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Survive the heat wave and save electricity

Survive the heat wave and save electricity

Jan 8, 2016

Keeping cool in the heatwave conditions is particularly difficult this summer where water is limited and rain seems like a distant memory. At this time we normally  use fans and air-conditioners to keep cool.

Given the environmental concern globally, one of the key aspects to consider is how to remain energy and water efficient even in these extreme temperatures.

Air-conditioners are one of the appliances that consume the most electricity, and while we acknowledge that air- conditioners cannot be avoided as temperatures continue to rise, below are some of 49M’s electricity smart tips to consider as we try to keep cool:

Dress for the weather

Wear short-sleeved and loose-fitting clothes made from fabrics that breathe and absorb moisture – avoid tight and restrictive clothing and wear sandals whenever possible.

Insulate your home

Fire-retardant ceiling insulation makes a home up to 10°C cooler in summer.

Treat your windows

Install shade awnings on the outside of windows facing the sun – it reduces heat from entering your home. Also, open windows and doors to allow cool breezes to circulate freely. Book affordable shutter appointment for the supply and installation of blinds.

Befriend your fan

Fans use much less energy than air-conditioners – position one near an open window or door to channel cool, fresh air into your home.

If you decide to switch on your air-conditioner during the hottest mid-day hours:

Set it at a comfortable 23˚C.  Ideally, the difference between inside and outside temperatures should not be more than 10˚C – once on, all windows and doors should be kept closed.

Switch off between 5pm and 9pm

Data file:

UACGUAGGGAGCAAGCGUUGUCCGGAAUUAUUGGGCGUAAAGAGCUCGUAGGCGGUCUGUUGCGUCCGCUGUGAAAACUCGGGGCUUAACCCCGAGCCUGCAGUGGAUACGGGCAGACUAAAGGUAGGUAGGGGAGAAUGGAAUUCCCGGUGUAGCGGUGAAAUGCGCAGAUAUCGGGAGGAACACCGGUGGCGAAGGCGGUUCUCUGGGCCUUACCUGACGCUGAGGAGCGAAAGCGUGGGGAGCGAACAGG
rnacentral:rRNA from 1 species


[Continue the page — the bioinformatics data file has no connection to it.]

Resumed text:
Avoid switching on your air-conditioner between 5pm and 9pm, the period of peak demand for electricity in South Africa.

Other smart actions to consider even if you have an air-conditioner

  • Eat fresh foods that do not require you to cook. If you have to cook consider making quick and easy dishes
  • Open all windows and promote as much air circulation as possible. When the sun rises, close all doors and windows, making sure to close curtains and blinds as well, to keep the indoors cool for as long as possible. When the outside air cools to a lower temperature than inside (usually in the evenings or at night), open up the windows and turn on the fans again.
  • Take cool showers.
  • Head downstairs. Since hot air rises, the upper stories of a home will be warmer than the ground floor. A basement can be a cool refuge from the midday heat.
  • Eliminate extra sources of heat. Incandescent light bulbs can generate unnecessary heat, as can computers or appliances left running
  • Maintain an adequate level of hydration; consume more water than you usually do when it’s hot. Drink sufficient amounts of fluids before you feel thirsty in order to prevent dehydration.
  • Avoid alcoholic beverages and caffeine, as both of these substances can act as diuretics and promote dehydration.
  • For a homemade “air conditioning” system, sit in the path of a box fan that is aimed at an open cooler, or pan filled with ice.
  • If the heat becomes unbearable, try to visit public buildings with air conditioning during the hottest hours of the day. Libraries, shopping malls, and movie theatres can all be good places to cool down.

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